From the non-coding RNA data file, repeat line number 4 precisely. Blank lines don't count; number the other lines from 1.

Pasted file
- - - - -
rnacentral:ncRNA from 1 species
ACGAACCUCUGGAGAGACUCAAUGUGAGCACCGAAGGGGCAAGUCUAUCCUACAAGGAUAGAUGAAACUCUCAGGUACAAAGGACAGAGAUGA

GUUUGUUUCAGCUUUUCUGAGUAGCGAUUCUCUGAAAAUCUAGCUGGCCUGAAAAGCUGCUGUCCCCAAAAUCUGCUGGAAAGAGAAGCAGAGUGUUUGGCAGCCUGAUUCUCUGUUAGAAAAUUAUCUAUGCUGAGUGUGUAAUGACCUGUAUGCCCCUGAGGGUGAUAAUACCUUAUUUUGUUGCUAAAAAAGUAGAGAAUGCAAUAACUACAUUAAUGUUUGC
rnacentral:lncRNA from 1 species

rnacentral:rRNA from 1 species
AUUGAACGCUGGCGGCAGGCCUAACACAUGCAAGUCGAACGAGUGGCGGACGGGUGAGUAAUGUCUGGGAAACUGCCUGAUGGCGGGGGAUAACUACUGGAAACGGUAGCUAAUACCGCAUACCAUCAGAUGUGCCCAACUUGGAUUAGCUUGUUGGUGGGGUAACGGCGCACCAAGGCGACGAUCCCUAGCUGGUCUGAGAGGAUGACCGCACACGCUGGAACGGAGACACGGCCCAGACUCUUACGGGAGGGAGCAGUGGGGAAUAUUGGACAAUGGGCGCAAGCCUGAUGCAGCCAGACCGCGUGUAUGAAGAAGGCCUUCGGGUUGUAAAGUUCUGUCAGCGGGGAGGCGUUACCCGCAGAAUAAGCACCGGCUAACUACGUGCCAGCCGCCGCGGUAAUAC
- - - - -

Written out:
rnacentral:lncRNA from 1 species